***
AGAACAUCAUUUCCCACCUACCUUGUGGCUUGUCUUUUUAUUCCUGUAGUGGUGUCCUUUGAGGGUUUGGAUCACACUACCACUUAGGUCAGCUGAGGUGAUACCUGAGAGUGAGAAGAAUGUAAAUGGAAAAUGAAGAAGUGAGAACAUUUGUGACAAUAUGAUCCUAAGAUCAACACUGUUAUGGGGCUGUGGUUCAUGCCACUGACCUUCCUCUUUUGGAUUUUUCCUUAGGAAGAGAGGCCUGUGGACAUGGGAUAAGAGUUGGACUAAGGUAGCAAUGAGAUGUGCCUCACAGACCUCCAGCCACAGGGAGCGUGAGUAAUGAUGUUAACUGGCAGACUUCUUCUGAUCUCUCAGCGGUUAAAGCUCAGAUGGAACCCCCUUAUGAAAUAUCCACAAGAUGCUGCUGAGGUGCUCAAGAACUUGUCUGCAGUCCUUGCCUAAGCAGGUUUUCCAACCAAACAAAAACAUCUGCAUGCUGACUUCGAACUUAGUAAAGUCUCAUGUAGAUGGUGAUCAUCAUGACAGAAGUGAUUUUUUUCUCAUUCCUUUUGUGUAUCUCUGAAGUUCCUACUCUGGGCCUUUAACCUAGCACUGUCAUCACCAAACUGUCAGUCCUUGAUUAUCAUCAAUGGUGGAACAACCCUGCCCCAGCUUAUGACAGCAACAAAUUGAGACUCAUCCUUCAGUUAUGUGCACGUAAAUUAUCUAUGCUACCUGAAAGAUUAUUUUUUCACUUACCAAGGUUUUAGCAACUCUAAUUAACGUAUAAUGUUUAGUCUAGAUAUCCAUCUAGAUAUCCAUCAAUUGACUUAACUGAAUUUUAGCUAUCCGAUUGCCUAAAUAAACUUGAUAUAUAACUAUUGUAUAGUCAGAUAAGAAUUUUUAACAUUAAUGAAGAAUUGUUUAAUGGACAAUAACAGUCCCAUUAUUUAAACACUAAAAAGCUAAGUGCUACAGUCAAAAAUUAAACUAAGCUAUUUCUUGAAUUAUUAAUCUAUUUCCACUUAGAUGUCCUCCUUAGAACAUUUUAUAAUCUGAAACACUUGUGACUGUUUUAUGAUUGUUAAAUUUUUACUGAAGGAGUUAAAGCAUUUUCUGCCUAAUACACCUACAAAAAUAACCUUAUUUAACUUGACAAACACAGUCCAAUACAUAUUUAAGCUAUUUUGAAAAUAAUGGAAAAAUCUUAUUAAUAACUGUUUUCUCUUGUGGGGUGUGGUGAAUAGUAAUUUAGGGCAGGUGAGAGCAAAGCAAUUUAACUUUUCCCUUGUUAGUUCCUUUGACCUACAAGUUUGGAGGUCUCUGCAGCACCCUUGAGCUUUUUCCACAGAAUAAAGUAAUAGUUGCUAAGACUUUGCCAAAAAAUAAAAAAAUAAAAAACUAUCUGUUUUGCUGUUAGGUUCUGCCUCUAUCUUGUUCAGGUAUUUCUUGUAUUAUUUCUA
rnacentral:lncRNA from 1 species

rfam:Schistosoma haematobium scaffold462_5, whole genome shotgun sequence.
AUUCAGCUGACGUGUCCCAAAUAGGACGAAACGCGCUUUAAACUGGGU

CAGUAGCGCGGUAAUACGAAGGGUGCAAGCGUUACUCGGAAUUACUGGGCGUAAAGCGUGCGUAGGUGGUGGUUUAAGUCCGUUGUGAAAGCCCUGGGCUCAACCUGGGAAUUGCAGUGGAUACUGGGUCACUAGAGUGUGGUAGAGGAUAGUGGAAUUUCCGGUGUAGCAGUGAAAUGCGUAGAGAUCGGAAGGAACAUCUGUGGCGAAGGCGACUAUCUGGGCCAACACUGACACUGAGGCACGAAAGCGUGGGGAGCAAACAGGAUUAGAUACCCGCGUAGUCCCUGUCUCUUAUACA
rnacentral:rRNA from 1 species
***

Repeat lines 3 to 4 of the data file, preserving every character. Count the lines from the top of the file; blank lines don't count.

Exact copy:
rfam:Schistosoma haematobium scaffold462_5, whole genome shotgun sequence.
AUUCAGCUGACGUGUCCCAAAUAGGACGAAACGCGCUUUAAACUGGGU